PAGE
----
Pop: Party animals and creature comforts



(aka Siouxsie Sioux and drummer-consort Budgie) were always a little branch on the Banshees tree. Three years ago, the main trunk was felled and, at ULU on Friday, that little branch bloomed.

Well, sort of. The Creatures are bolstered by two newly-recruited guitarists. And as the team tumbled into the glitter-ball goth of new single "2nd Floor" a lack of cohesion was evident. The point is, Sioux took it in her stride. A dead ringer for Tiff's mum, Louise, in EastEnders (all bouffant bob, tight trousers and I'm-cheap-me pout) she drolly observed, "Yeah, we're back, slicker than ever!"

She's a lot of things, is our Sioux, but she's not too cool for school. Pretentious, sure, but unlike the PJ Harveys of this world, also ordinary and utterly unselfconscious. On Friday, her exotic flailings, the exaggerated stuff of a silent movie vamp, often appeared ludicrous. The material - much of it from recent EP Eraser Cut - blurred into one long, percussive rant. And even old favourites like "Miss The Girl" failed to electrify. Yet the effect, as a whole, was moving.

Rock couples (Ike and Tina, Sonny and Cher) tend not to do the institution of marriage any favours, but Sioux and one-time Slits drummer Budgie are enchanting. At one point, he strapped on a guitar and she tried a bit of Rank films-style tub-thumping. Every now and again she looked across. Each time, Budgie grinned reassurance.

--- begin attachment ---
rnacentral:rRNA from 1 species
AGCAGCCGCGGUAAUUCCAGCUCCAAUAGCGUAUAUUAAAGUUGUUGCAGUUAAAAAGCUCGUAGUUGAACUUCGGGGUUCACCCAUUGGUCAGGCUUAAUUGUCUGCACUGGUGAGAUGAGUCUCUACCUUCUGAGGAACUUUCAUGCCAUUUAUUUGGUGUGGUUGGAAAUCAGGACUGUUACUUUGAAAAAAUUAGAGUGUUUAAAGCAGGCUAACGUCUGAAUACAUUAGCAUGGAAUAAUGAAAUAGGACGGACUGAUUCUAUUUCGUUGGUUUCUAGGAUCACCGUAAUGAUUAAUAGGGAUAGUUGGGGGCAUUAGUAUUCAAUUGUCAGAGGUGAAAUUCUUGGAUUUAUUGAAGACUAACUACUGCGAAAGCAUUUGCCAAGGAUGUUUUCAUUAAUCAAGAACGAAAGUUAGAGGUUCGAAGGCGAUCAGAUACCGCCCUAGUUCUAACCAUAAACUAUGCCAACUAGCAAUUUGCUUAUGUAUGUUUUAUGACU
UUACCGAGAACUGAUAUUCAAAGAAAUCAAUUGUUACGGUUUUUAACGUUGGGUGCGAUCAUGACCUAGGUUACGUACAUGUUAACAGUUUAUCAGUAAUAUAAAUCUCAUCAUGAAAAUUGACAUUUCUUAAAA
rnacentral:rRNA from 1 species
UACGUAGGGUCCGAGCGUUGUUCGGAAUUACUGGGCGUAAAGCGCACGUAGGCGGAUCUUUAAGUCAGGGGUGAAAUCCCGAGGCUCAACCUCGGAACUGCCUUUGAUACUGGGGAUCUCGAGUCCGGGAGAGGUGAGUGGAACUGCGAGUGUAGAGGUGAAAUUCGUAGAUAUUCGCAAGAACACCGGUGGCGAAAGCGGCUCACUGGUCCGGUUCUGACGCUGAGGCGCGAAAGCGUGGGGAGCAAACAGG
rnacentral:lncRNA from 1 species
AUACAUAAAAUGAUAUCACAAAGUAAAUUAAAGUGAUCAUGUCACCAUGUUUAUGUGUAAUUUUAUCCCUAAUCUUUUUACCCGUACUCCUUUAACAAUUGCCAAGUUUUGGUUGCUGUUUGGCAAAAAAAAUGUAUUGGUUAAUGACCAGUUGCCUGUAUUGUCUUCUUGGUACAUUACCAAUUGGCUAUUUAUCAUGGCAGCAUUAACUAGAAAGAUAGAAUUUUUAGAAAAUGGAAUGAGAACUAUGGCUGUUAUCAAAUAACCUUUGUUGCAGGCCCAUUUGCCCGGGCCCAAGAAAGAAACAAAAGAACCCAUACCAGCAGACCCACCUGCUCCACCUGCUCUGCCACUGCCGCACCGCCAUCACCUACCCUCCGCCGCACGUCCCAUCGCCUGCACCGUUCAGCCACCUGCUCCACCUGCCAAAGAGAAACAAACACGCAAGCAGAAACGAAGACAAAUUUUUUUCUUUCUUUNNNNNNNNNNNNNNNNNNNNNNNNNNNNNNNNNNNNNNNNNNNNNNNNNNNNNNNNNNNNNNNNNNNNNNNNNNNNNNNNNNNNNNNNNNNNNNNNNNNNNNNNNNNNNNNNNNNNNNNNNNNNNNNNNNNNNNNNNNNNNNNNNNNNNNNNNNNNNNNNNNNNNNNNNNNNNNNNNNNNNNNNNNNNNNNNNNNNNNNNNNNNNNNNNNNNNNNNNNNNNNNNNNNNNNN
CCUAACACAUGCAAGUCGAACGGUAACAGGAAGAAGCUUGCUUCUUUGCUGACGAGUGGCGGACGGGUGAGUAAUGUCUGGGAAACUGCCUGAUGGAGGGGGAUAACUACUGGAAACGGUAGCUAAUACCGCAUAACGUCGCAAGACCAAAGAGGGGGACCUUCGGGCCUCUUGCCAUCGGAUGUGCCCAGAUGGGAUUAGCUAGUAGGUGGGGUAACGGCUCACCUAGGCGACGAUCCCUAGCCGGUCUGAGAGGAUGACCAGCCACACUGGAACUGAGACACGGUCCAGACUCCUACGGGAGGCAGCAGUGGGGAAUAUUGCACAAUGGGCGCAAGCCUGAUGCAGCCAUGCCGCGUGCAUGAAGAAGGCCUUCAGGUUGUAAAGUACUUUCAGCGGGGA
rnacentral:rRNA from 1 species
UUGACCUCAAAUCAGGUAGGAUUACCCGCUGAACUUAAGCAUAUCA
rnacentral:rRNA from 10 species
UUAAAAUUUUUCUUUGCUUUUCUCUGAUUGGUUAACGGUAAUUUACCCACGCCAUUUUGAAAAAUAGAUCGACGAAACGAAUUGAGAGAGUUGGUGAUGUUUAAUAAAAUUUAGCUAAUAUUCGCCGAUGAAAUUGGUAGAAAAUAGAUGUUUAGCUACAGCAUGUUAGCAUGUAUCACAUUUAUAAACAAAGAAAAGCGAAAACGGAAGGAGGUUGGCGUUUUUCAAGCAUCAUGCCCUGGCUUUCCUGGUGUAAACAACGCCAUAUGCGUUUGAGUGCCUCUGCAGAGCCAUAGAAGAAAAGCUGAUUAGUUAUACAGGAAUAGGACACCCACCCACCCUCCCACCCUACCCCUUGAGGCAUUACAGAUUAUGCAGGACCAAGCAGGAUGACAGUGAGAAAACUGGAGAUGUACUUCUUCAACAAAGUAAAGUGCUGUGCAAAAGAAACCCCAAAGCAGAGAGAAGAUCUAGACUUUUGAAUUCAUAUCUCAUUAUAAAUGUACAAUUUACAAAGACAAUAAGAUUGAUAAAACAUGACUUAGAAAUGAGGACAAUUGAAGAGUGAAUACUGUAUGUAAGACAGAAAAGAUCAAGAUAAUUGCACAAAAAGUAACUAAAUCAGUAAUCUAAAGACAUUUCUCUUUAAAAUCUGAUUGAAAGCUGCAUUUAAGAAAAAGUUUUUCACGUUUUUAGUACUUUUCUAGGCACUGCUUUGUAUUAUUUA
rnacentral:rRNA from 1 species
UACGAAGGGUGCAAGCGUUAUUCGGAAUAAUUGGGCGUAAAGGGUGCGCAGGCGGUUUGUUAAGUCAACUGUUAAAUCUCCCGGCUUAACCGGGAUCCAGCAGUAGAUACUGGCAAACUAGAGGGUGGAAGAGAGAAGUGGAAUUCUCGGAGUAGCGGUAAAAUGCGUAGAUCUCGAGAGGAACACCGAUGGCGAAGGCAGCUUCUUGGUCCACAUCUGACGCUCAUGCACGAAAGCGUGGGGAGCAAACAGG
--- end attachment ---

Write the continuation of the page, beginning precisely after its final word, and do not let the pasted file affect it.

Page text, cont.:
With the encore, the mood turned positively cosy. And, true to form, licentious. Siouxsie, having dispensed with the cymbals-as-breast-plates routine, had by this time stripped down to chest-clenching top, to a round of wolf whistles from her balding male fans and the sizeable lesbian contingent. She then beckoned on two strapping "gals" and merrily growled the 1983 hit "Right Now". Some might see it as pandering to the masses, but chart- friendly covers are OK by Sioux, even those from the Banshees oeuvre. She ends on "The Passenger" and the whole sweaty room begins to bump 'n' grind. And the gals on stage pop their fingers. One woman shouts in my ear, "I'm not being homophobic, but I'm sick of drag queens". Everyone else, though, is tickled pink. Think Joy Division at Butlins.

"Goodnight" cried Sioux, as bunches of flowers flew on to the stage. "See you tomorrow!"

Tomorrow? From anyone else it would have been arrogance. But she knows what we know. Though a somewhat stunted section of the rock family tree, The Creatures' branch is still good for a swing.